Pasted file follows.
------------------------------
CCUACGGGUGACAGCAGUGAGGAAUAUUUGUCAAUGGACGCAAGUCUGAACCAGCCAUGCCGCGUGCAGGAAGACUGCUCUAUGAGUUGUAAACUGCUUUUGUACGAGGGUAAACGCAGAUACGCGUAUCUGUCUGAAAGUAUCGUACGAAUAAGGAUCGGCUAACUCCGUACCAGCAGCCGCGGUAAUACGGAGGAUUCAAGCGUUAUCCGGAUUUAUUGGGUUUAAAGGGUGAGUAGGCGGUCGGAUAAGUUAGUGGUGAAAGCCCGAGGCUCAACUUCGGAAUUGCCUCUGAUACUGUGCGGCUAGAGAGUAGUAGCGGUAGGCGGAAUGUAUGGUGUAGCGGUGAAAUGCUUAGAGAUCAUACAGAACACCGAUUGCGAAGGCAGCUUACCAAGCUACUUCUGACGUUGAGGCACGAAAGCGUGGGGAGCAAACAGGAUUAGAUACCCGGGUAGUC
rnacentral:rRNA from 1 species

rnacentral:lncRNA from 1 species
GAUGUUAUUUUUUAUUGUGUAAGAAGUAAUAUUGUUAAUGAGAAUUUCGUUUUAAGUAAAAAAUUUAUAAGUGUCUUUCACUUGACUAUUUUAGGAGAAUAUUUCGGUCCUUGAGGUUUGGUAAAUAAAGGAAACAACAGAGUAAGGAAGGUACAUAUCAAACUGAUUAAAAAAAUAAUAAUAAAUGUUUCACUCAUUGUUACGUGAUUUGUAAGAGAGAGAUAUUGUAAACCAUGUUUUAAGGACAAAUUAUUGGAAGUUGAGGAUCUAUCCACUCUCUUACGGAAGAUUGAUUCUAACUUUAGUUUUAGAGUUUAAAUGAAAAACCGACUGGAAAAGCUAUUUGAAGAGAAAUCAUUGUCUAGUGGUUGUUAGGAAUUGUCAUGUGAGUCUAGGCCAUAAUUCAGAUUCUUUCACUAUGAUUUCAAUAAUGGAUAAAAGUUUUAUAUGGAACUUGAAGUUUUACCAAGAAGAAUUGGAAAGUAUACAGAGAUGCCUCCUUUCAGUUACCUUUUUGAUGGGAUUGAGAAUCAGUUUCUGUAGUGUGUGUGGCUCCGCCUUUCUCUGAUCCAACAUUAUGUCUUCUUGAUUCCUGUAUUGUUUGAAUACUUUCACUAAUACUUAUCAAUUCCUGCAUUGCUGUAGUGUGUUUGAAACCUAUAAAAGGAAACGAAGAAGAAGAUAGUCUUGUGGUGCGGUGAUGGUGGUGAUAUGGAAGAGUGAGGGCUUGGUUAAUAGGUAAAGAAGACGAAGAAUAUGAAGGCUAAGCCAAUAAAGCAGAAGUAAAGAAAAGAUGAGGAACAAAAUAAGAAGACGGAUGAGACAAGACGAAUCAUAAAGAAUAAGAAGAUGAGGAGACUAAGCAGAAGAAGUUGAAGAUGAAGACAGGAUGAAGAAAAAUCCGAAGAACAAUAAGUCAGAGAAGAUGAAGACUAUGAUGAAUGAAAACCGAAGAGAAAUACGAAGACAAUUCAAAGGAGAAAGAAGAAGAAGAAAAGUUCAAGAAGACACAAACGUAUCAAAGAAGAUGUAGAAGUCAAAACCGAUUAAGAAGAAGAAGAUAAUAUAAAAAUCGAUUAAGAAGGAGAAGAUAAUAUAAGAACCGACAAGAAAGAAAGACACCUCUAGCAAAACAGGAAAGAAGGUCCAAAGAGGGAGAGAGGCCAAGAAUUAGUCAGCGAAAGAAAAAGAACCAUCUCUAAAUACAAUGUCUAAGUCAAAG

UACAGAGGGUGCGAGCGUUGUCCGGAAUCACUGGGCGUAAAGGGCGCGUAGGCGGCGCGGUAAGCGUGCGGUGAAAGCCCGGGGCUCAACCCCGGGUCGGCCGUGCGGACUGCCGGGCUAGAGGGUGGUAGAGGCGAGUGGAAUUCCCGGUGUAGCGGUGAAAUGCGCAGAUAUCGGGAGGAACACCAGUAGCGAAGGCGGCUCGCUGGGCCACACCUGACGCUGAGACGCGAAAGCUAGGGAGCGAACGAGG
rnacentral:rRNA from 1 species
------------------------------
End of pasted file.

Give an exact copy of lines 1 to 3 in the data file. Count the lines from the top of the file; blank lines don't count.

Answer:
CCUACGGGUGACAGCAGUGAGGAAUAUUUGUCAAUGGACGCAAGUCUGAACCAGCCAUGCCGCGUGCAGGAAGACUGCUCUAUGAGUUGUAAACUGCUUUUGUACGAGGGUAAACGCAGAUACGCGUAUCUGUCUGAAAGUAUCGUACGAAUAAGGAUCGGCUAACUCCGUACCAGCAGCCGCGGUAAUACGGAGGAUUCAAGCGUUAUCCGGAUUUAUUGGGUUUAAAGGGUGAGUAGGCGGUCGGAUAAGUUAGUGGUGAAAGCCCGAGGCUCAACUUCGGAAUUGCCUCUGAUACUGUGCGGCUAGAGAGUAGUAGCGGUAGGCGGAAUGUAUGGUGUAGCGGUGAAAUGCUUAGAGAUCAUACAGAACACCGAUUGCGAAGGCAGCUUACCAAGCUACUUCUGACGUUGAGGCACGAAAGCGUGGGGAGCAAACAGGAUUAGAUACCCGGGUAGUC
rnacentral:rRNA from 1 species

rnacentral:lncRNA from 1 species